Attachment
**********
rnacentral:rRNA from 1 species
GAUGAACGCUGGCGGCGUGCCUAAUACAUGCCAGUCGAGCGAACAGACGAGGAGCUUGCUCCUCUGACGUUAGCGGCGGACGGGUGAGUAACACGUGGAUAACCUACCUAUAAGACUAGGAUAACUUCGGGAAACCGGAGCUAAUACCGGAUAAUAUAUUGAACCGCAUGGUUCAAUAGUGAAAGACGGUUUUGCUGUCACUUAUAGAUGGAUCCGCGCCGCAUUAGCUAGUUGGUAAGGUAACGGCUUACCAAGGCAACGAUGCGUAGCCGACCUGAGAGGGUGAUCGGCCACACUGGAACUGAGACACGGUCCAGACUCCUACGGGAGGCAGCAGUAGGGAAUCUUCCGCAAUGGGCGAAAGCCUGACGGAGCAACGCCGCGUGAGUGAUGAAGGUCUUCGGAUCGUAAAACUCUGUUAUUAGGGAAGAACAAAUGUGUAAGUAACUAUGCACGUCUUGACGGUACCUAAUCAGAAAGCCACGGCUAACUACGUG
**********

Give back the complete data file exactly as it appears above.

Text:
rnacentral:rRNA from 1 species
GAUGAACGCUGGCGGCGUGCCUAAUACAUGCCAGUCGAGCGAACAGACGAGGAGCUUGCUCCUCUGACGUUAGCGGCGGACGGGUGAGUAACACGUGGAUAACCUACCUAUAAGACUAGGAUAACUUCGGGAAACCGGAGCUAAUACCGGAUAAUAUAUUGAACCGCAUGGUUCAAUAGUGAAAGACGGUUUUGCUGUCACUUAUAGAUGGAUCCGCGCCGCAUUAGCUAGUUGGUAAGGUAACGGCUUACCAAGGCAACGAUGCGUAGCCGACCUGAGAGGGUGAUCGGCCACACUGGAACUGAGACACGGUCCAGACUCCUACGGGAGGCAGCAGUAGGGAAUCUUCCGCAAUGGGCGAAAGCCUGACGGAGCAACGCCGCGUGAGUGAUGAAGGUCUUCGGAUCGUAAAACUCUGUUAUUAGGGAAGAACAAAUGUGUAAGUAACUAUGCACGUCUUGACGGUACCUAAUCAGAAAGCCACGGCUAACUACGUG